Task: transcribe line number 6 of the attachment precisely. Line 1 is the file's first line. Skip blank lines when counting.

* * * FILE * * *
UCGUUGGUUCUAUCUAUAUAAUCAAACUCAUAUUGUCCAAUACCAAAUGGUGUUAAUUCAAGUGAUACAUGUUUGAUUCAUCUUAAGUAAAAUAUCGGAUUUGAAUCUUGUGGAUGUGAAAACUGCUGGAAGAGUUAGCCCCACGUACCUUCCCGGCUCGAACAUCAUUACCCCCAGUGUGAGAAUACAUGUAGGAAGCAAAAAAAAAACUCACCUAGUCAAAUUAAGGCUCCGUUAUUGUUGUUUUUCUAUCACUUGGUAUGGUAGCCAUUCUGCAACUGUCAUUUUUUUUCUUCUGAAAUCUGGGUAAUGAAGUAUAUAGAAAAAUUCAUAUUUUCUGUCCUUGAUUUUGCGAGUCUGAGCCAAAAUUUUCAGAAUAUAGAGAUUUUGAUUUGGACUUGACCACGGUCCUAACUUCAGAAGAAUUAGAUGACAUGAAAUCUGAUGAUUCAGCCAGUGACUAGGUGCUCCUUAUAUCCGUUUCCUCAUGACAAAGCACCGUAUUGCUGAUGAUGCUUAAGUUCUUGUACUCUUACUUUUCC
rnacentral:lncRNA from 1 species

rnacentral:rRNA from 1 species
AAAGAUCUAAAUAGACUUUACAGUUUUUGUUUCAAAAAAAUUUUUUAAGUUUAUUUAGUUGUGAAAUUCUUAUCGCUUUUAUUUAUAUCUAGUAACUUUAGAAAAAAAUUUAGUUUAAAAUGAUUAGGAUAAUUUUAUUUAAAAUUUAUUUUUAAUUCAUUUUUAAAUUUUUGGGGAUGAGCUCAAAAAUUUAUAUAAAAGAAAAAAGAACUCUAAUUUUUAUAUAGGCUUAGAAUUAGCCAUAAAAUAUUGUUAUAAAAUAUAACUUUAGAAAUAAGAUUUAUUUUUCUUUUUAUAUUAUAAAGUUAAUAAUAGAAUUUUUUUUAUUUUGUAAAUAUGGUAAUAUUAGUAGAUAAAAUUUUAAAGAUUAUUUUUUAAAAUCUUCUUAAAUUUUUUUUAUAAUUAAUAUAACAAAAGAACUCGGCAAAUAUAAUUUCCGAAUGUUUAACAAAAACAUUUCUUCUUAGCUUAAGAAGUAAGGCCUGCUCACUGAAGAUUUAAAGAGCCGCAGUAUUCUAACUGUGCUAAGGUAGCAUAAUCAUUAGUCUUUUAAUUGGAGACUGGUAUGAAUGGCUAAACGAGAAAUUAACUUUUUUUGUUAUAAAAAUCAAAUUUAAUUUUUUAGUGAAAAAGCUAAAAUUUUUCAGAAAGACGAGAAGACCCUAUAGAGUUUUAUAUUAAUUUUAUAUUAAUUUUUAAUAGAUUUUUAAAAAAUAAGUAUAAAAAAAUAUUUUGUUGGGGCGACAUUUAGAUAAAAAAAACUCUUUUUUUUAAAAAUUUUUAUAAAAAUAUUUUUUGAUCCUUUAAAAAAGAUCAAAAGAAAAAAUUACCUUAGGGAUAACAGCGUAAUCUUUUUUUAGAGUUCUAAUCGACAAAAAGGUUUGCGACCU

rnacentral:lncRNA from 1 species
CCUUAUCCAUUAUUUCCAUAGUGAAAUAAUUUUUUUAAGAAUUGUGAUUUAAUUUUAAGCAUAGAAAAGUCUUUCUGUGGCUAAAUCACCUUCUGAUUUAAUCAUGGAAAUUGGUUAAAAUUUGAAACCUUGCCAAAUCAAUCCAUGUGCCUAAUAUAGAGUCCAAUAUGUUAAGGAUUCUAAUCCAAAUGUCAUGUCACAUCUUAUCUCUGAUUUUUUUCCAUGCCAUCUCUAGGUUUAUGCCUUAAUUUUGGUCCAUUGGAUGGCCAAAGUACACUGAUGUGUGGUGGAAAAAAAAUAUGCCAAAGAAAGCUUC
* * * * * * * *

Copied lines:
CCUUAUCCAUUAUUUCCAUAGUGAAAUAAUUUUUUUAAGAAUUGUGAUUUAAUUUUAAGCAUAGAAAAGUCUUUCUGUGGCUAAAUCACCUUCUGAUUUAAUCAUGGAAAUUGGUUAAAAUUUGAAACCUUGCCAAAUCAAUCCAUGUGCCUAAUAUAGAGUCCAAUAUGUUAAGGAUUCUAAUCCAAAUGUCAUGUCACAUCUUAUCUCUGAUUUUUUUCCAUGCCAUCUCUAGGUUUAUGCCUUAAUUUUGGUCCAUUGGAUGGCCAAAGUACACUGAUGUGUGGUGGAAAAAAAAUAUGCCAAAGAAAGCUUC